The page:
The universal adoption of a remuneration right for audiovisual creators is critically urgent for screenwriters and directors in Africa. This was the message that participants took away from two high-level creators’ panels held this week at the 2017 FESPACO film festival in Burkina Faso. Both featured French author and president of Writers & Directors Worldwide, Yves Nilly, who brought international perspective to the debate, describing the barriers and solutions related to making a livelihood as a filmmaker. A new collaboration pledge was also signed with the Pan-African Filmmakers Federation (FEPACI) which paves the way for future cooperation on authors’ rights issues with this influential organisation.
The first panel, held on 27 February, was devised by Writers & Directors Worldwide and saw Mr. Nilly joined on stage by three prominent African audiovisual creators. It was held before around 70 screenwriters, directors and filmmakers, and also attended by Burkina Faso’s Minister for Foreign Affairs, Mr. Alpha Barry.
First to speak was Madagascan director, Laza. As president of the Association Rencontres du Film Court de Madagascar, and chairman of its annual short film festival, Laza has played an important role in publicising the work of African filmmakers. He is a previous recipient of the French National Order of Merit; runs Rozifilms, his own production company; and has many movies including 13 mars 2002, 6h58 and L’idiot du village.
Next from the Ivory Coast was writer and director, Koffi Fidèle Kouakou. In 2013, he devised and co-wrote La Radio, an original short film that was premiered in the “Short Film Corner” of that year’s Cannes Film Festival. He has also written scripts for many films and televisions shows including Dieu est avec nous, Coco-beach and Le convoi de l’espoir; the latter produced for the International Committee of The Red Cross.
The final participant in the Writers & Directors Worldwide panel was scriptwriter Noraogo Sawadogo from Burkina Faso. He was previously awarded the French National Order of Merit for written literature and has received much industry recognition including the FESPACO Award for best TV show, the Digital Africa Award from the Vue d’Afrique Festival in Montreal, and the coveted RFI Cinema Du Public Award. His work includes scripts for the movie Le Fauteuil and for the televisions shows Taxi- Brousse and Commissariat De Tampy.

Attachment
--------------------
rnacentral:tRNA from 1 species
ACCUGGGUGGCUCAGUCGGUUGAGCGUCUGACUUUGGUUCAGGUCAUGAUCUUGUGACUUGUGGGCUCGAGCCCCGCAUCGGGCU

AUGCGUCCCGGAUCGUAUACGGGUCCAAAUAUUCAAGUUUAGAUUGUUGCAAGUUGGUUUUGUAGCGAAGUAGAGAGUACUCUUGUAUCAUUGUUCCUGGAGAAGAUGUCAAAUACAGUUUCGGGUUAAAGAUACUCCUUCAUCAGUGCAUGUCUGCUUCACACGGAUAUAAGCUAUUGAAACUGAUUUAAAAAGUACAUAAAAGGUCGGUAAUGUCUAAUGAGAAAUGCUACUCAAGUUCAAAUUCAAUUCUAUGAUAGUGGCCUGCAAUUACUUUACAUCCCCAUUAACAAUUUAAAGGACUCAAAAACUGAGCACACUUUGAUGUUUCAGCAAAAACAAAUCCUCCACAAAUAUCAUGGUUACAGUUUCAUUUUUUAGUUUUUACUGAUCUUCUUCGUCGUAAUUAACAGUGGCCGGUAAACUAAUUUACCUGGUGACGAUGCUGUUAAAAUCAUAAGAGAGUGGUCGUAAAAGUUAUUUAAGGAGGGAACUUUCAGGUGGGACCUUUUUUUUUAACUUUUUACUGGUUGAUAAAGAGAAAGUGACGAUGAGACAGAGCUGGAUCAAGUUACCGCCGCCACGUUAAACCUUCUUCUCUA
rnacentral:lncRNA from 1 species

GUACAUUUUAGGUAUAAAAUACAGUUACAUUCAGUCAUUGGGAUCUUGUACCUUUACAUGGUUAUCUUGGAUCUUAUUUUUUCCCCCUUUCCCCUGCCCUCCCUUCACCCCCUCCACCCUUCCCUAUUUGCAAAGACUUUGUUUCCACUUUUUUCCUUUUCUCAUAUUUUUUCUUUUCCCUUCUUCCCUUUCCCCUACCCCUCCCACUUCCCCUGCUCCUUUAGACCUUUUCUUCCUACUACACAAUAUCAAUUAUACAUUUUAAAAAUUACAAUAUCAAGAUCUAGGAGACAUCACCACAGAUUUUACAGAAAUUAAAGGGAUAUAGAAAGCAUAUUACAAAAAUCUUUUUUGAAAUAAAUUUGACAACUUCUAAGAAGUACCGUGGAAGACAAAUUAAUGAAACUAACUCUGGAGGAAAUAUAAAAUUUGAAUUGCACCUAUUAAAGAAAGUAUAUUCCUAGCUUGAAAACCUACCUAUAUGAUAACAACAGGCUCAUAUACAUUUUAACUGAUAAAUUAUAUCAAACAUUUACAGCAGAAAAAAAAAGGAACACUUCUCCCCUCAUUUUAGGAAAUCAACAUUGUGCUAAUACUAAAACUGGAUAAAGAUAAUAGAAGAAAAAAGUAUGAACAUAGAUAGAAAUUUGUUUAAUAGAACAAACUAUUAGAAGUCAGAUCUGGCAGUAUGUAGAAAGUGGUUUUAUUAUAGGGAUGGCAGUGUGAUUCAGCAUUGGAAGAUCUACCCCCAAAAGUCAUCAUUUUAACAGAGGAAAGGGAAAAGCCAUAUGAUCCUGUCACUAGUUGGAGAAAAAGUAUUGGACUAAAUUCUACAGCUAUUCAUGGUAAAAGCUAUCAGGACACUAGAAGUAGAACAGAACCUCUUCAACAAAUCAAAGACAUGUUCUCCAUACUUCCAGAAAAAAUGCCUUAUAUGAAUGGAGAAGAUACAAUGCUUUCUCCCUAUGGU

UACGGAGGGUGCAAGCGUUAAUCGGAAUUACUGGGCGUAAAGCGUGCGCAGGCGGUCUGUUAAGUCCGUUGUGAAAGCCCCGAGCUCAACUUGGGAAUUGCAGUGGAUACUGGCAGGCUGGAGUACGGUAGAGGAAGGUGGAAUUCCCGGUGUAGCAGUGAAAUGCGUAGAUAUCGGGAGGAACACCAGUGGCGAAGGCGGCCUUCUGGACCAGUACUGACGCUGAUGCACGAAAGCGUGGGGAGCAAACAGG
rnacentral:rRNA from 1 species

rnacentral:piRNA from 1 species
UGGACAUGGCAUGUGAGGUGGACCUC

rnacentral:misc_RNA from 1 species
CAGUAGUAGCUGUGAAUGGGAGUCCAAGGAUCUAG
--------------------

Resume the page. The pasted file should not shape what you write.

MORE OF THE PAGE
The panel closed with the official signing of the collaboration pledge. Mr Cheick Oumar Sissoko of The Pan-African Federation of Filmmakers was represented by Laza who along with Mr Nilly, added his approval to the document that pledges to implement a framework of collaboration between the two organisations.
The first objective will be to establish a working committee to make expert recommendations on the issue of equitable remuneration of directors and screenwriters in the region. This will be followed by increased networking and cooperation going forward.
The ability to derive a livelihood from the success of one’s work is usually the only way that creators from developing regions can finance their career. Without this, their contribution to the economies of their countries and the diversity of global culture is often lost.”
Yves Nilly – President of Writers & Directors Worldwide
On 1 March, Mr Nilly joined a second round-table discussion, this time organised by the World Intellectual Property Organisation (WIPO). Here he gave input on a variety of issues including the management of audiovisual authors’ rights in new digital platforms, the monetisation of content, and strategies for negotiation and collective management.
He was joined for this discussion by Chantal Forgo, director of Legal Affairs and International Cooperation for local authors’ society, BBDA; Irene Vieira, director general of the Ivory Coast Bureau of Copyright and chairperson of CISAC’s African Committee; and by Rob Aft, an expert, teacher and author on film industry business. Again in this panels, the importance of equitable remuneration for audiovisual authors was stressed repeatedly.